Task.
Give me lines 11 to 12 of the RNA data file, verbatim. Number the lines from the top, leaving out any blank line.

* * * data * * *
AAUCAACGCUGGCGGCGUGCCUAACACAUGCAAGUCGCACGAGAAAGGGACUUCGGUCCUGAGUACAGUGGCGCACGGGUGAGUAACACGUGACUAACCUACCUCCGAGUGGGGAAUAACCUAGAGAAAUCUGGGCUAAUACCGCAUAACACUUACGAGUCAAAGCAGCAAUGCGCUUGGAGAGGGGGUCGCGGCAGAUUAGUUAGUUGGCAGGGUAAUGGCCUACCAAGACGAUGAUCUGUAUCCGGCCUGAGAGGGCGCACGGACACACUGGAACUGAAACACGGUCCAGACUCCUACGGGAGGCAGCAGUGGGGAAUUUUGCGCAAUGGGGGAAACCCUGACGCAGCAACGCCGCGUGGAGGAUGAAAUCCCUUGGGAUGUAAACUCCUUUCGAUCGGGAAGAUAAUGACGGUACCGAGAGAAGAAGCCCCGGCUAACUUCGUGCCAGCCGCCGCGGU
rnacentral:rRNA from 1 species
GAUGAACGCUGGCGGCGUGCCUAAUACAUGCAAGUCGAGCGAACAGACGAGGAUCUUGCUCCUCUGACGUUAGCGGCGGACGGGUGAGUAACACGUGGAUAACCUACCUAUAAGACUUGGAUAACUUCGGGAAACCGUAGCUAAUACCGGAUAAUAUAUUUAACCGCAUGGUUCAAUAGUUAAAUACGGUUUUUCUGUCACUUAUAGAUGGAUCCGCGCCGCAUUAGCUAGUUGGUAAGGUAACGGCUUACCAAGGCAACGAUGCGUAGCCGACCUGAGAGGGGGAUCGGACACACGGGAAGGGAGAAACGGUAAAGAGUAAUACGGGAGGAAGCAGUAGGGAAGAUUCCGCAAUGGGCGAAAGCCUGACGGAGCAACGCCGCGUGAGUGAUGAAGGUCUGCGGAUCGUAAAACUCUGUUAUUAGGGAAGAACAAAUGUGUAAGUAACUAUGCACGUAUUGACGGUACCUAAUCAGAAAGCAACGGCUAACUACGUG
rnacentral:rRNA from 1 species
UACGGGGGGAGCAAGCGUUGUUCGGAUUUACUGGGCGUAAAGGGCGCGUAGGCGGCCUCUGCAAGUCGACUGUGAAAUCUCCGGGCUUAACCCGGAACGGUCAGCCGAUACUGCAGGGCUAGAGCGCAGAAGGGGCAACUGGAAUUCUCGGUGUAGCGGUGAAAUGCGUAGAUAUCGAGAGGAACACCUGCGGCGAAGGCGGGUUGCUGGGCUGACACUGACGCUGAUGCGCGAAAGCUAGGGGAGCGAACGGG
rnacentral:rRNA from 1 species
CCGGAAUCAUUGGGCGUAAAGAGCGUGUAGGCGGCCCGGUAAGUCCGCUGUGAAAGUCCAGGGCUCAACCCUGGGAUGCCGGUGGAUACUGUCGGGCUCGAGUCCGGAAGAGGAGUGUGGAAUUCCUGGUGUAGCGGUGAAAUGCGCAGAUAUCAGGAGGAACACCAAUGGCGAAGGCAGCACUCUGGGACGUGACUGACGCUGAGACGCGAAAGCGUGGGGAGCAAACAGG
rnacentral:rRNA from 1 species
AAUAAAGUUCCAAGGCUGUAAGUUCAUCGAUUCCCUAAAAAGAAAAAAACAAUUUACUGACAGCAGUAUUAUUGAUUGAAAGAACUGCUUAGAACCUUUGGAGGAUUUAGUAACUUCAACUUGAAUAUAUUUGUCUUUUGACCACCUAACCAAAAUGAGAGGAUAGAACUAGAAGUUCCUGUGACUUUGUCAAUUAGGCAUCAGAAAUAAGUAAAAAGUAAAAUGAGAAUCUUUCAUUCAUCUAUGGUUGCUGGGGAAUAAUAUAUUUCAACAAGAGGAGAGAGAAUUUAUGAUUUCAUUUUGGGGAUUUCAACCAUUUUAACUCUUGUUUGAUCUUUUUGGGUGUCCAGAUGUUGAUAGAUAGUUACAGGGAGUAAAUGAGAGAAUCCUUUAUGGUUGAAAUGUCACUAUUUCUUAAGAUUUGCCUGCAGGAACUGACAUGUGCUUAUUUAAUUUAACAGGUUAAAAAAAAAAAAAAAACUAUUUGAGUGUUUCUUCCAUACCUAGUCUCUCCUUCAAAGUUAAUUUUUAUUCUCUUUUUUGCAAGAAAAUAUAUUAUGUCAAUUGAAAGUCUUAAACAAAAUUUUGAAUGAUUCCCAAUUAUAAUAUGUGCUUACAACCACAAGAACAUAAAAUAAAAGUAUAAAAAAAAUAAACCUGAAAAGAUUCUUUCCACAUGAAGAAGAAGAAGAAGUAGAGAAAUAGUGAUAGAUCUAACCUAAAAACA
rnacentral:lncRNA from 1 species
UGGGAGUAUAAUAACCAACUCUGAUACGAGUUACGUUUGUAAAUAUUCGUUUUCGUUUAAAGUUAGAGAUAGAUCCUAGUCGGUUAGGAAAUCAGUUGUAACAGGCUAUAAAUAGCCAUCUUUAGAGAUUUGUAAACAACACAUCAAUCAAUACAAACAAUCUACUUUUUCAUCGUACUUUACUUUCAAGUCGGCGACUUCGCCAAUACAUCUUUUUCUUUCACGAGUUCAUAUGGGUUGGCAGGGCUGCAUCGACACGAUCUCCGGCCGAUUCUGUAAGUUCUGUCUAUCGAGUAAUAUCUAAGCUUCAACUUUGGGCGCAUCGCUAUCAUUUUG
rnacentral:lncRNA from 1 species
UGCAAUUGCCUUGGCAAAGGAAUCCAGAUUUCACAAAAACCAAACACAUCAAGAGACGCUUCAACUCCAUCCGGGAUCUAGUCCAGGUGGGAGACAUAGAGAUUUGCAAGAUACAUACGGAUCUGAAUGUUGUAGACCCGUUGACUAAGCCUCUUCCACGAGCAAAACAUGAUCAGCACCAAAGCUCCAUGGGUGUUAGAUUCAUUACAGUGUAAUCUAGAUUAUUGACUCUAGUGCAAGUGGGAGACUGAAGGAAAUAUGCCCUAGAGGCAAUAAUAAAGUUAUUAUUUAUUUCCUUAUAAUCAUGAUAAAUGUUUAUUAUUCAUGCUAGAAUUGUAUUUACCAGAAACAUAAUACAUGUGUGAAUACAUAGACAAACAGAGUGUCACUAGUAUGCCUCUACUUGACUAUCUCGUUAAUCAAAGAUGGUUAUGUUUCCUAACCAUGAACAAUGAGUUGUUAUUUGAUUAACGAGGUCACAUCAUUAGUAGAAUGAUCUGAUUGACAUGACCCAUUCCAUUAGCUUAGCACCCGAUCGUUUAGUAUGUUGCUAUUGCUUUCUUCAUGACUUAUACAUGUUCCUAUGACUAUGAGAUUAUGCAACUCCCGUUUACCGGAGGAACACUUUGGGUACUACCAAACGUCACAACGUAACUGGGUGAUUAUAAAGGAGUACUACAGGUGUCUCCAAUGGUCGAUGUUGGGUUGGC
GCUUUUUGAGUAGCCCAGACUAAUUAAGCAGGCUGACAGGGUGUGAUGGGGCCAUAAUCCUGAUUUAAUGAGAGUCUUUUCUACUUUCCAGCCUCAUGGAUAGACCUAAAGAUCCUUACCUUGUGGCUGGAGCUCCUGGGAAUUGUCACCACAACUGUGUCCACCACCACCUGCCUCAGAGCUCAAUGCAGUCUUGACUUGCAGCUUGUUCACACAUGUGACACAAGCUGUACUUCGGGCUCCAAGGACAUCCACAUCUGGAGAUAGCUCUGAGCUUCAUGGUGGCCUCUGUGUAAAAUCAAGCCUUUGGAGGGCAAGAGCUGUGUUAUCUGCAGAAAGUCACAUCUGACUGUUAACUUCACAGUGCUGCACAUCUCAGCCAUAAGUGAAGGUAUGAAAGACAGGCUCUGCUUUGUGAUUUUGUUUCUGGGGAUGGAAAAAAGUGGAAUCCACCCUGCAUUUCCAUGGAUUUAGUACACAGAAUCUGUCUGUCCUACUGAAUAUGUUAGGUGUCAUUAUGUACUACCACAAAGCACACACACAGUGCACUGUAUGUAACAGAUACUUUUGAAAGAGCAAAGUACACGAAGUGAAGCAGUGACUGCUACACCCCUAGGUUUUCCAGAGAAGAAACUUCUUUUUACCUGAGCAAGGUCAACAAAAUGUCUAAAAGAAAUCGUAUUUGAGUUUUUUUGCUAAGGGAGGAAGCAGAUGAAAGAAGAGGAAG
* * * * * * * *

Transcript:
UGGGAGUAUAAUAACCAACUCUGAUACGAGUUACGUUUGUAAAUAUUCGUUUUCGUUUAAAGUUAGAGAUAGAUCCUAGUCGGUUAGGAAAUCAGUUGUAACAGGCUAUAAAUAGCCAUCUUUAGAGAUUUGUAAACAACACAUCAAUCAAUACAAACAAUCUACUUUUUCAUCGUACUUUACUUUCAAGUCGGCGACUUCGCCAAUACAUCUUUUUCUUUCACGAGUUCAUAUGGGUUGGCAGGGCUGCAUCGACACGAUCUCCGGCCGAUUCUGUAAGUUCUGUCUAUCGAGUAAUAUCUAAGCUUCAACUUUGGGCGCAUCGCUAUCAUUUUG
rnacentral:lncRNA from 1 species